The grant, which comes from a total TIGER fund of $527 million, will provide $12.5 million in funding for the RTA project.

Initial work on the station began in 2005, when the Cleveland Foundation gathered donations from major institutions in the area, including Case Western Reserve University, University Hospitals, University Circle Inc., the Cleveland Clinic and the Holden Parks Trust. The $1.6 million dollar fund was intended to go towards early planning for development projects in the University Circle area.

After the decision was made to build a new Red Line station, the RTA hired City Architecture to work on the design. Paul Volpe, the lead principal on the project, intends to use the already existing concrete bunker, which was built in the 1930s, but to add his own modern touch. This includes stainless steel mesh ribbons on the outside of the station, which will be lit by LED lights at night, as well as a canopy to let in light and fresh air.

Various local artists also contributed to the project. Susie Frazier designed a flowing leaf-like pattern which will appear on the floor of the station, while Gabriela Mileti wrote a series of poems about travel in English and Italian, which will be painted on the walls of the station.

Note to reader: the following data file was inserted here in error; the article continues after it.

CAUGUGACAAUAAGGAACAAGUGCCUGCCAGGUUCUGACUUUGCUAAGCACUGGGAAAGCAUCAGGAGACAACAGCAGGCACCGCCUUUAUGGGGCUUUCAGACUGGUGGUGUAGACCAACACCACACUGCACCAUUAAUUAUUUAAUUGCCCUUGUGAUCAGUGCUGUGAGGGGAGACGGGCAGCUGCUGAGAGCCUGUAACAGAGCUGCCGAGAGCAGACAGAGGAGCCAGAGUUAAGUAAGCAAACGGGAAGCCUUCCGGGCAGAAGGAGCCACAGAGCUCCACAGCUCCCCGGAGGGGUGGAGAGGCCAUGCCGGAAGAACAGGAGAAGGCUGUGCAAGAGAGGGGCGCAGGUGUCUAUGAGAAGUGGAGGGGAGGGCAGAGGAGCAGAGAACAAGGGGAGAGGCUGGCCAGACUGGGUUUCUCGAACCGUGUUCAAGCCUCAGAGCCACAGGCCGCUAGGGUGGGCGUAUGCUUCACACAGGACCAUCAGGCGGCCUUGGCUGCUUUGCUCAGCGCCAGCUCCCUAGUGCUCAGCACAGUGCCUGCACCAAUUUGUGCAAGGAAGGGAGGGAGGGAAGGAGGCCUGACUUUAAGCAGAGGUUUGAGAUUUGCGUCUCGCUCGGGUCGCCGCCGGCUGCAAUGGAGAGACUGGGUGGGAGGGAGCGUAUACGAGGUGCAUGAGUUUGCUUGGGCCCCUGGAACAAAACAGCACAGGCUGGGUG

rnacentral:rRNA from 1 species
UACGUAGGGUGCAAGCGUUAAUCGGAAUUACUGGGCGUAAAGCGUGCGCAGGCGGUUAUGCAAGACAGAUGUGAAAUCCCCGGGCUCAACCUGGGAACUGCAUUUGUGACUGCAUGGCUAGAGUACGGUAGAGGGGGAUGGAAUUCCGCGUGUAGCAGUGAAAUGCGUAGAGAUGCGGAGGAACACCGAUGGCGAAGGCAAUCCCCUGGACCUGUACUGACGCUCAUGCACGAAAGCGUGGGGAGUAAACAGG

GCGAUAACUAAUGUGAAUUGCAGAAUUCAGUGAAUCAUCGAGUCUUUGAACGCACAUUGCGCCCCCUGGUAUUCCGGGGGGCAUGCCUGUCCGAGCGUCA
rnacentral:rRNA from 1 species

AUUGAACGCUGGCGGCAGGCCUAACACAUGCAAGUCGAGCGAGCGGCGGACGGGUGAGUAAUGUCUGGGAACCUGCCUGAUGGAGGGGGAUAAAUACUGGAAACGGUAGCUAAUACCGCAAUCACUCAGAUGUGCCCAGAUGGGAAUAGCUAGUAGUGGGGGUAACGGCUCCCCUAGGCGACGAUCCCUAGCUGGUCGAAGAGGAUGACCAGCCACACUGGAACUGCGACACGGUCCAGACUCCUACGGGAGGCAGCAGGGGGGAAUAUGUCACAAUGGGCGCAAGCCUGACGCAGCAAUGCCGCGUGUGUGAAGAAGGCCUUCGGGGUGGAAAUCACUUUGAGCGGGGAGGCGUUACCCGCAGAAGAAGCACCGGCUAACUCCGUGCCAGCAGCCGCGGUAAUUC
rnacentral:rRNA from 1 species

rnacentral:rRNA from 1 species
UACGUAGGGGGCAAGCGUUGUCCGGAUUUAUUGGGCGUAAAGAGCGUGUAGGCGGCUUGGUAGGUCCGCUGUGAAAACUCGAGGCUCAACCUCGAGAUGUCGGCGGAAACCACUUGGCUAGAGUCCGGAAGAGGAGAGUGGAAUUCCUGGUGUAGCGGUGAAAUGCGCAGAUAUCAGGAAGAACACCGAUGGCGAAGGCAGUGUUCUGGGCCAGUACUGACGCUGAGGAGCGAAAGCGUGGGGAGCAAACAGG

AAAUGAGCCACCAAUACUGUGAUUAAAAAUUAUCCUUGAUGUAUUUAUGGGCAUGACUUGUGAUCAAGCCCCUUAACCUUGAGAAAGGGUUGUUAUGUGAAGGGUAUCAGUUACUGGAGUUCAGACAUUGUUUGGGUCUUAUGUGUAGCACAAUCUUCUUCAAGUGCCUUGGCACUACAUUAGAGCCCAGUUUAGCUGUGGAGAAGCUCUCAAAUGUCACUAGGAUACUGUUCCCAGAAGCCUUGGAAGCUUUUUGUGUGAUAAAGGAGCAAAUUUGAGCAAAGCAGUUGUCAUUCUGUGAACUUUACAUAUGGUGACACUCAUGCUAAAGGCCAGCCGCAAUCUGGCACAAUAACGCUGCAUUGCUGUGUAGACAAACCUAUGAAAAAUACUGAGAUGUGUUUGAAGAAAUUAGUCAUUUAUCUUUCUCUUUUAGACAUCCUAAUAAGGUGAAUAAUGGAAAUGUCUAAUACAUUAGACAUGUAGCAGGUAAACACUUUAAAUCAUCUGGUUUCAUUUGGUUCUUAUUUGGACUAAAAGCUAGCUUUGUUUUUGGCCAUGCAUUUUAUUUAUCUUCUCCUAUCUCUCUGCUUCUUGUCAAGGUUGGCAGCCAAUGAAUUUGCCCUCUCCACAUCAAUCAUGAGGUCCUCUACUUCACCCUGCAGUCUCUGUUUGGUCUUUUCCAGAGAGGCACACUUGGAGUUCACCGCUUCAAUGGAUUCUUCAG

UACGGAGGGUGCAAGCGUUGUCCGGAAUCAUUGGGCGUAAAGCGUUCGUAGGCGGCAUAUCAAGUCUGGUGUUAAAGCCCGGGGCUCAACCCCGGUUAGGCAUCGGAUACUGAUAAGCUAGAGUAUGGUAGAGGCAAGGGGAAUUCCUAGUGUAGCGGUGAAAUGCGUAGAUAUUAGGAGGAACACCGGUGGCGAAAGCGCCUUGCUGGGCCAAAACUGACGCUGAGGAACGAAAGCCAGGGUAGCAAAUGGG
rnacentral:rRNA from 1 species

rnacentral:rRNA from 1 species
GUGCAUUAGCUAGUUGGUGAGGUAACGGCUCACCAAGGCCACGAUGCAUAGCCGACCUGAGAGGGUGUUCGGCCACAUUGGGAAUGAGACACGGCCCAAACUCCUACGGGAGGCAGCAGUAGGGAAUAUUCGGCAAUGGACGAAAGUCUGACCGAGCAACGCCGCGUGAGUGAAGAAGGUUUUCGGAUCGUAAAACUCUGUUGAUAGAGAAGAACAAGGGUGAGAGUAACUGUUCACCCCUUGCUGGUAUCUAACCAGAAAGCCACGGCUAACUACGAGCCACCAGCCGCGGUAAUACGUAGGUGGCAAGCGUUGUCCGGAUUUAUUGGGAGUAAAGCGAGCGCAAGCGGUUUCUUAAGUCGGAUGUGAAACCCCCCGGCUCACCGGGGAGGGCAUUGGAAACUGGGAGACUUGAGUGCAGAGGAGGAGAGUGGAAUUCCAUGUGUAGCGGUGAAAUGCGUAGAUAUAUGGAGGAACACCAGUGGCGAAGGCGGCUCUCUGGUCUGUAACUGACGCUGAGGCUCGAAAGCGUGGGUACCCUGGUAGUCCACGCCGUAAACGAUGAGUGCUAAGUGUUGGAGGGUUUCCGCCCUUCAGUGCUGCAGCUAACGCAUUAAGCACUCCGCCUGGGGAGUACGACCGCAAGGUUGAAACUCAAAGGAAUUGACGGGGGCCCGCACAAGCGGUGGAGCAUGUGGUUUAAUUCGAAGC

One of the main goals of the new station was to cut out the 200-foot long tunnel that serves as a barrier between Little Italy and University Circle.

The tunnel, which is dark and foreboding, shows a clear separation between the two bustling neighborhoods, which prevents the area from becoming the large tourist destination that it could be.

The RTA has spent $880,000 to buy the easternmost of the five bridges that form the ceiling of the tunnel, and intend to tear it down in order to shorten the barrier. Volpe also hopes to add lighting under the bridge in an effort to make it more accessible.

“We’re forging partnerships with neighboring Little Italy,” says Ronayne. “Our fates are tied… For too long the railroad tracks have divided us. The new station will unite us.”

RTA spokeswoman Mary Shaffer was also excited about the new opportunities that the station will bring.

“The station in Little Italy is a great opportunity to connect with the new art museum and with CWRU’s campus,” she noted. “It will also make people from inside the city make a trip over to Little Italy, make a trip to Case Western, see what’s there. It will be more attractive and help open up the city.”

In addition to the new station, the RTA also plans to spend $1 million improving the sidewalk, curb and railing that would lead from the station into University Circle. If possible, they also hope to renovate the sidewalk leading from the station into Little Italy.

Sergeant Jeffrey Daberko of the CWRU Police Department noted that the old East 120th Street bridge was “a safety concern”.

“We have not had a huge number of incidents in that area but there have been a couple over the years and it has always been a concern because of the station’s isolation and poor lighting,” he noted.

“A newer, better lit, and more convenient stop would be more of a welcoming gateway to the area for visitors, and certainly safer and more convenient for CWRU students,” said Daberko.

photos credit Mary Kate Macedonia / Observer